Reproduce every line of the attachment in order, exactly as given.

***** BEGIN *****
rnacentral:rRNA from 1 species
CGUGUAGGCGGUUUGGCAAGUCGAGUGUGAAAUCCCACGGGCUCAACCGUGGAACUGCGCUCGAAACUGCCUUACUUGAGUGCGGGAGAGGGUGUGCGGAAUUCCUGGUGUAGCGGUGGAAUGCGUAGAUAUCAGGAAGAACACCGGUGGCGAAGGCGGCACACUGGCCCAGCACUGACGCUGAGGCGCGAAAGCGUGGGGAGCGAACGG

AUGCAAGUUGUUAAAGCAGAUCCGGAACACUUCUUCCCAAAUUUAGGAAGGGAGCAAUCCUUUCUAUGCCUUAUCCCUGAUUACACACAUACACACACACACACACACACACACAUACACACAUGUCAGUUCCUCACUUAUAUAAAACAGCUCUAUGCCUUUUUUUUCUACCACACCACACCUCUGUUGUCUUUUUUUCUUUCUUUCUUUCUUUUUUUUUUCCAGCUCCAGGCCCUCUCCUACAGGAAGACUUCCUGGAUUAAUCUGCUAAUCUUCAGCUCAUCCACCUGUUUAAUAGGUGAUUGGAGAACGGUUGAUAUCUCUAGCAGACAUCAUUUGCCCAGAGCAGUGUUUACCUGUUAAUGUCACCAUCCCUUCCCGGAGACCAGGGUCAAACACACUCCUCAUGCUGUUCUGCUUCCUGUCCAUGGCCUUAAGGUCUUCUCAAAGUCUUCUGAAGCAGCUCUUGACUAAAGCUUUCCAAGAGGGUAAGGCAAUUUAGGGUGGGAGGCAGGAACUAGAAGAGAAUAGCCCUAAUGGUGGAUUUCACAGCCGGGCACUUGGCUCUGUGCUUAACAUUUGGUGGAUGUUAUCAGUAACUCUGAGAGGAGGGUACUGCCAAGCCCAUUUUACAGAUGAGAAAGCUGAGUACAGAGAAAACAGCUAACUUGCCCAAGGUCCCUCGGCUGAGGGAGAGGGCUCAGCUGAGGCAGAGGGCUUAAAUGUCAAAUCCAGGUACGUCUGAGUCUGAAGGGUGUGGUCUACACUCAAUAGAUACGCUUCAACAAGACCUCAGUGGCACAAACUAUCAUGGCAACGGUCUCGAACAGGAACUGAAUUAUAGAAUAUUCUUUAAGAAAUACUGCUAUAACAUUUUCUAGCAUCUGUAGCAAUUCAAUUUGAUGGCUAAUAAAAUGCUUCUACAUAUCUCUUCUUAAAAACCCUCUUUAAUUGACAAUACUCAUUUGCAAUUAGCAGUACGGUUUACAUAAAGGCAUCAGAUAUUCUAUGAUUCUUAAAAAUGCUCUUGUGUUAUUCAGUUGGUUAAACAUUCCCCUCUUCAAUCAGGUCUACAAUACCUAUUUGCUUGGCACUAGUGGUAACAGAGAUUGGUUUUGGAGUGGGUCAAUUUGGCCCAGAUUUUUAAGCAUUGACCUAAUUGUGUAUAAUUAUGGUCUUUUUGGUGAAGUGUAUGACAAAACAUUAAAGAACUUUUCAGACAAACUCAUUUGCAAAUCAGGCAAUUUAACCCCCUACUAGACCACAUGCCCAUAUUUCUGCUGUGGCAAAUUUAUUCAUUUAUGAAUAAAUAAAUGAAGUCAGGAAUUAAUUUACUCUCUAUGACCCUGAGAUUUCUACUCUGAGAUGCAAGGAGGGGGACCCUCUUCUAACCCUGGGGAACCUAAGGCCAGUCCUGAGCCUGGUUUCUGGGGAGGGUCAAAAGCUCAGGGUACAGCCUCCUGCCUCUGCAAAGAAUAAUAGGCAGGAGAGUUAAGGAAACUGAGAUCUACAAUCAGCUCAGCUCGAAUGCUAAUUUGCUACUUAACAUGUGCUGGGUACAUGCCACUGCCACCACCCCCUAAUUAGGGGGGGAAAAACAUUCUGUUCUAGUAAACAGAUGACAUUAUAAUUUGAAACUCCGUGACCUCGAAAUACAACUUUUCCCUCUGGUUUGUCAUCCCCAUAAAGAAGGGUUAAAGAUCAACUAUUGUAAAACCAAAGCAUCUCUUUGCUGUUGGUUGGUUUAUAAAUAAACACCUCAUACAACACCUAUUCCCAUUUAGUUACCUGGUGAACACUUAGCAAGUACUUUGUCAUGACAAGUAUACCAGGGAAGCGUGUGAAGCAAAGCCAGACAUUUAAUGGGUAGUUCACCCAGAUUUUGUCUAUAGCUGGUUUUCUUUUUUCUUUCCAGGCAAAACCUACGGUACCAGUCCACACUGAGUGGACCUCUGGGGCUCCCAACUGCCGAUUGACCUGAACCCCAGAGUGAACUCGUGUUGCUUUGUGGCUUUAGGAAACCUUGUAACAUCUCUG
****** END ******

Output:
rnacentral:rRNA from 1 species
CGUGUAGGCGGUUUGGCAAGUCGAGUGUGAAAUCCCACGGGCUCAACCGUGGAACUGCGCUCGAAACUGCCUUACUUGAGUGCGGGAGAGGGUGUGCGGAAUUCCUGGUGUAGCGGUGGAAUGCGUAGAUAUCAGGAAGAACACCGGUGGCGAAGGCGGCACACUGGCCCAGCACUGACGCUGAGGCGCGAAAGCGUGGGGAGCGAACGG

AUGCAAGUUGUUAAAGCAGAUCCGGAACACUUCUUCCCAAAUUUAGGAAGGGAGCAAUCCUUUCUAUGCCUUAUCCCUGAUUACACACAUACACACACACACACACACACACACAUACACACAUGUCAGUUCCUCACUUAUAUAAAACAGCUCUAUGCCUUUUUUUUCUACCACACCACACCUCUGUUGUCUUUUUUUCUUUCUUUCUUUCUUUUUUUUUUCCAGCUCCAGGCCCUCUCCUACAGGAAGACUUCCUGGAUUAAUCUGCUAAUCUUCAGCUCAUCCACCUGUUUAAUAGGUGAUUGGAGAACGGUUGAUAUCUCUAGCAGACAUCAUUUGCCCAGAGCAGUGUUUACCUGUUAAUGUCACCAUCCCUUCCCGGAGACCAGGGUCAAACACACUCCUCAUGCUGUUCUGCUUCCUGUCCAUGGCCUUAAGGUCUUCUCAAAGUCUUCUGAAGCAGCUCUUGACUAAAGCUUUCCAAGAGGGUAAGGCAAUUUAGGGUGGGAGGCAGGAACUAGAAGAGAAUAGCCCUAAUGGUGGAUUUCACAGCCGGGCACUUGGCUCUGUGCUUAACAUUUGGUGGAUGUUAUCAGUAACUCUGAGAGGAGGGUACUGCCAAGCCCAUUUUACAGAUGAGAAAGCUGAGUACAGAGAAAACAGCUAACUUGCCCAAGGUCCCUCGGCUGAGGGAGAGGGCUCAGCUGAGGCAGAGGGCUUAAAUGUCAAAUCCAGGUACGUCUGAGUCUGAAGGGUGUGGUCUACACUCAAUAGAUACGCUUCAACAAGACCUCAGUGGCACAAACUAUCAUGGCAACGGUCUCGAACAGGAACUGAAUUAUAGAAUAUUCUUUAAGAAAUACUGCUAUAACAUUUUCUAGCAUCUGUAGCAAUUCAAUUUGAUGGCUAAUAAAAUGCUUCUACAUAUCUCUUCUUAAAAACCCUCUUUAAUUGACAAUACUCAUUUGCAAUUAGCAGUACGGUUUACAUAAAGGCAUCAGAUAUUCUAUGAUUCUUAAAAAUGCUCUUGUGUUAUUCAGUUGGUUAAACAUUCCCCUCUUCAAUCAGGUCUACAAUACCUAUUUGCUUGGCACUAGUGGUAACAGAGAUUGGUUUUGGAGUGGGUCAAUUUGGCCCAGAUUUUUAAGCAUUGACCUAAUUGUGUAUAAUUAUGGUCUUUUUGGUGAAGUGUAUGACAAAACAUUAAAGAACUUUUCAGACAAACUCAUUUGCAAAUCAGGCAAUUUAACCCCCUACUAGACCACAUGCCCAUAUUUCUGCUGUGGCAAAUUUAUUCAUUUAUGAAUAAAUAAAUGAAGUCAGGAAUUAAUUUACUCUCUAUGACCCUGAGAUUUCUACUCUGAGAUGCAAGGAGGGGGACCCUCUUCUAACCCUGGGGAACCUAAGGCCAGUCCUGAGCCUGGUUUCUGGGGAGGGUCAAAAGCUCAGGGUACAGCCUCCUGCCUCUGCAAAGAAUAAUAGGCAGGAGAGUUAAGGAAACUGAGAUCUACAAUCAGCUCAGCUCGAAUGCUAAUUUGCUACUUAACAUGUGCUGGGUACAUGCCACUGCCACCACCCCCUAAUUAGGGGGGGAAAAACAUUCUGUUCUAGUAAACAGAUGACAUUAUAAUUUGAAACUCCGUGACCUCGAAAUACAACUUUUCCCUCUGGUUUGUCAUCCCCAUAAAGAAGGGUUAAAGAUCAACUAUUGUAAAACCAAAGCAUCUCUUUGCUGUUGGUUGGUUUAUAAAUAAACACCUCAUACAACACCUAUUCCCAUUUAGUUACCUGGUGAACACUUAGCAAGUACUUUGUCAUGACAAGUAUACCAGGGAAGCGUGUGAAGCAAAGCCAGACAUUUAAUGGGUAGUUCACCCAGAUUUUGUCUAUAGCUGGUUUUCUUUUUUCUUUCCAGGCAAAACCUACGGUACCAGUCCACACUGAGUGGACCUCUGGGGCUCCCAACUGCCGAUUGACCUGAACCCCAGAGUGAACUCGUGUUGCUUUGUGGCUUUAGGAAACCUUGUAACAUCUCUG